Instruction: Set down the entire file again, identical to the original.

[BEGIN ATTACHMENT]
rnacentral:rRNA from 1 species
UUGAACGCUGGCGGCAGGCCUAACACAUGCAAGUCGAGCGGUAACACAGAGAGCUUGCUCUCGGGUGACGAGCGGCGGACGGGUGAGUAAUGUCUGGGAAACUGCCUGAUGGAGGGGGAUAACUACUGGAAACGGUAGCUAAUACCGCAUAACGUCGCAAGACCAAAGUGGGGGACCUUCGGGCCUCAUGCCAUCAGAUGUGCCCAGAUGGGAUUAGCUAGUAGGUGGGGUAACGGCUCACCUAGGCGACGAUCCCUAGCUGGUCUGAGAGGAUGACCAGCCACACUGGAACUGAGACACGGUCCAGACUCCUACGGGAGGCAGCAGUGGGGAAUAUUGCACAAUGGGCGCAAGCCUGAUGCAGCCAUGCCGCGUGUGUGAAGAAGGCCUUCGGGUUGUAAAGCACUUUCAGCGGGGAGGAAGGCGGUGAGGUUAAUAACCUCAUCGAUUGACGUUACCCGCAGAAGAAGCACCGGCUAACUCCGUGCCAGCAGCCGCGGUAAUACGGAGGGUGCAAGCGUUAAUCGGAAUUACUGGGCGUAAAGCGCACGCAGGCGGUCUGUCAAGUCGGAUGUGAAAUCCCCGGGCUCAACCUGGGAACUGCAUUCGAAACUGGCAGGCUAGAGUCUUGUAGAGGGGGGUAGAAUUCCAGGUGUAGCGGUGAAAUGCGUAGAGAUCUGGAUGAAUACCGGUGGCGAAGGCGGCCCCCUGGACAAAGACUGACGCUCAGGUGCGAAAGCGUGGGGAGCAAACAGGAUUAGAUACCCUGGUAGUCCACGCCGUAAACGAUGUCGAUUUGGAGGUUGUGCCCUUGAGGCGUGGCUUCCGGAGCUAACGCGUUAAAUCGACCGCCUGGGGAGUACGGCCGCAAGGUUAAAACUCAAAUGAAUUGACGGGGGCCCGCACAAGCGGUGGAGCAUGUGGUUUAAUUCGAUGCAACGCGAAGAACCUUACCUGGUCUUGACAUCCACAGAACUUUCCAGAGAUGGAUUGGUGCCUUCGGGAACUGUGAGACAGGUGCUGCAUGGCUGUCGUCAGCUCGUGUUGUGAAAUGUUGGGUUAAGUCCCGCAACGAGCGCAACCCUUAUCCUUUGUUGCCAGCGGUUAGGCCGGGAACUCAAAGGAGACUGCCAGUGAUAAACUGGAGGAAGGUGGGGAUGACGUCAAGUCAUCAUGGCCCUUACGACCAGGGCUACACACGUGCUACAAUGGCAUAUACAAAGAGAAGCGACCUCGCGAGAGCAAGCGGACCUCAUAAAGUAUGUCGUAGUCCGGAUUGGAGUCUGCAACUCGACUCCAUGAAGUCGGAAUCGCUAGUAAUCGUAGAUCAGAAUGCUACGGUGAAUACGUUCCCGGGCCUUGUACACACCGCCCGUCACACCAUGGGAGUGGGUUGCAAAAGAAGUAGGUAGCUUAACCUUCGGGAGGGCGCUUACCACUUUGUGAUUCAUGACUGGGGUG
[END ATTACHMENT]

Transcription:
rnacentral:rRNA from 1 species
UUGAACGCUGGCGGCAGGCCUAACACAUGCAAGUCGAGCGGUAACACAGAGAGCUUGCUCUCGGGUGACGAGCGGCGGACGGGUGAGUAAUGUCUGGGAAACUGCCUGAUGGAGGGGGAUAACUACUGGAAACGGUAGCUAAUACCGCAUAACGUCGCAAGACCAAAGUGGGGGACCUUCGGGCCUCAUGCCAUCAGAUGUGCCCAGAUGGGAUUAGCUAGUAGGUGGGGUAACGGCUCACCUAGGCGACGAUCCCUAGCUGGUCUGAGAGGAUGACCAGCCACACUGGAACUGAGACACGGUCCAGACUCCUACGGGAGGCAGCAGUGGGGAAUAUUGCACAAUGGGCGCAAGCCUGAUGCAGCCAUGCCGCGUGUGUGAAGAAGGCCUUCGGGUUGUAAAGCACUUUCAGCGGGGAGGAAGGCGGUGAGGUUAAUAACCUCAUCGAUUGACGUUACCCGCAGAAGAAGCACCGGCUAACUCCGUGCCAGCAGCCGCGGUAAUACGGAGGGUGCAAGCGUUAAUCGGAAUUACUGGGCGUAAAGCGCACGCAGGCGGUCUGUCAAGUCGGAUGUGAAAUCCCCGGGCUCAACCUGGGAACUGCAUUCGAAACUGGCAGGCUAGAGUCUUGUAGAGGGGGGUAGAAUUCCAGGUGUAGCGGUGAAAUGCGUAGAGAUCUGGAUGAAUACCGGUGGCGAAGGCGGCCCCCUGGACAAAGACUGACGCUCAGGUGCGAAAGCGUGGGGAGCAAACAGGAUUAGAUACCCUGGUAGUCCACGCCGUAAACGAUGUCGAUUUGGAGGUUGUGCCCUUGAGGCGUGGCUUCCGGAGCUAACGCGUUAAAUCGACCGCCUGGGGAGUACGGCCGCAAGGUUAAAACUCAAAUGAAUUGACGGGGGCCCGCACAAGCGGUGGAGCAUGUGGUUUAAUUCGAUGCAACGCGAAGAACCUUACCUGGUCUUGACAUCCACAGAACUUUCCAGAGAUGGAUUGGUGCCUUCGGGAACUGUGAGACAGGUGCUGCAUGGCUGUCGUCAGCUCGUGUUGUGAAAUGUUGGGUUAAGUCCCGCAACGAGCGCAACCCUUAUCCUUUGUUGCCAGCGGUUAGGCCGGGAACUCAAAGGAGACUGCCAGUGAUAAACUGGAGGAAGGUGGGGAUGACGUCAAGUCAUCAUGGCCCUUACGACCAGGGCUACACACGUGCUACAAUGGCAUAUACAAAGAGAAGCGACCUCGCGAGAGCAAGCGGACCUCAUAAAGUAUGUCGUAGUCCGGAUUGGAGUCUGCAACUCGACUCCAUGAAGUCGGAAUCGCUAGUAAUCGUAGAUCAGAAUGCUACGGUGAAUACGUUCCCGGGCCUUGUACACACCGCCCGUCACACCAUGGGAGUGGGUUGCAAAAGAAGUAGGUAGCUUAACCUUCGGGAGGGCGCUUACCACUUUGUGAUUCAUGACUGGGGUG